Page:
Create a configuration instance

First you have to create a freemarker.template.Configuration instance and adjust its settings. A Configuration instance is the central place to store the application level settings of FreeMarker. Also, it deals with the creation and caching of pre-parsed templates (i.e., Template objects).

Normally you will do this only once at the beginning of the application (possibly servlet) life-cycle:

// Create your Configuration instance, and specify if up to what FreeMarker
// version (here 2.3.25) do you want to apply the fixes that are not 100%
// backward-compatible. See the Configuration JavaDoc for details.
Configuration cfg = new Configuration(Configuration.VERSION_2_3_25);

// Specify the source where the template files come from. Here I set a
// plain directory for it, but non-file-system sources are possible too:
cfg.setDirectoryForTemplateLoading(new File("/where/you/store/templates"));

// Set the preferred charset template files are stored in. UTF-8 is
// a good choice in most applications:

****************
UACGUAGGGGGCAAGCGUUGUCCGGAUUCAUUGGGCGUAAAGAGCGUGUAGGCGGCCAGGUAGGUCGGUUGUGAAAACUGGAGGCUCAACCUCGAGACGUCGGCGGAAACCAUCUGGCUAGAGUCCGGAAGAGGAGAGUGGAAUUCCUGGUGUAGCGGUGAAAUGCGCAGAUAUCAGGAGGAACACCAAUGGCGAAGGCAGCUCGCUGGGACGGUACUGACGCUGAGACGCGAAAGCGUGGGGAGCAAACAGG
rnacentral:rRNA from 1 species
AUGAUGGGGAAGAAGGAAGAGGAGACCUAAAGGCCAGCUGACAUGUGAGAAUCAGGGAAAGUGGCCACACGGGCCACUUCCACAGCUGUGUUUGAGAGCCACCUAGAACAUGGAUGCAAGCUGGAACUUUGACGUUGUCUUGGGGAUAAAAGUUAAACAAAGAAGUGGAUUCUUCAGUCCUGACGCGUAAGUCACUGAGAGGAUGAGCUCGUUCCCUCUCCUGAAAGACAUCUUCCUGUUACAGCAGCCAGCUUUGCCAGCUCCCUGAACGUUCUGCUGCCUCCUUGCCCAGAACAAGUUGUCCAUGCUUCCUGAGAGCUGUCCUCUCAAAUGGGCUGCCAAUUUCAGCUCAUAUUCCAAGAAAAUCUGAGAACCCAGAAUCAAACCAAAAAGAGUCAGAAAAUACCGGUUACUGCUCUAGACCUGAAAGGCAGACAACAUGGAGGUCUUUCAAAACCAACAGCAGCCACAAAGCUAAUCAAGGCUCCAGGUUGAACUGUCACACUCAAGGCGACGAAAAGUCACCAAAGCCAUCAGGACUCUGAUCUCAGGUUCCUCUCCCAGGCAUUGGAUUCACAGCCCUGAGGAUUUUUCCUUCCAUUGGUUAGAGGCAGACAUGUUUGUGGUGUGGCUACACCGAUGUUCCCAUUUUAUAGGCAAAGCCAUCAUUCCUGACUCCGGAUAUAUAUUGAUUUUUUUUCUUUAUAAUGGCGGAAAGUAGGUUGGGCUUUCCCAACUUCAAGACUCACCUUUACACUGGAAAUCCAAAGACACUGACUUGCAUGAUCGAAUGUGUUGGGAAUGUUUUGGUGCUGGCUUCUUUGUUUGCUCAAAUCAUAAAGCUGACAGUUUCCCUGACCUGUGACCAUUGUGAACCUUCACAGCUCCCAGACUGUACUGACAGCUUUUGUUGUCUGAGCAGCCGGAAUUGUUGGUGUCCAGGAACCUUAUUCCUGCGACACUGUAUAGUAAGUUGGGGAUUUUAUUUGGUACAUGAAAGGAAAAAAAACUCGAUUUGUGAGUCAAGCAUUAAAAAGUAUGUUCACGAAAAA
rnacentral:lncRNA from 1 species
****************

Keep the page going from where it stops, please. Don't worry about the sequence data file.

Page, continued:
// Sets how errors will appear.
// During web page *development* TemplateExceptionHandler.HTML_DEBUG_HANDLER is better.

// Don't log exceptions inside FreeMarker that it will thrown at you anyway:

From now you should use this single configuration instance (i.e., its a singleton). Note however that if a system has multiple independent components that use FreeMarker, then of course they will use their own private Configuration instances.


Do not needlessly re-create Configuration instances; it's expensive, among others because you lose the template cache. Configuration instances meant to be application-level singletons.

In multi-threaded applications (like Web sites) the settings in the Configuration instance must not be modified anymore after this point. Thus it can be treated as "effectively immutable" object, so you can continue with safe publishing techniques (see JSR 133 and related literature) to make the instance available for other threads. Like, publish the instance through a final or volatile filed, or through a thread-safe IoC container (like the one provided by Spring). Configuration methods that don't deal with modifying settings are thread-safe.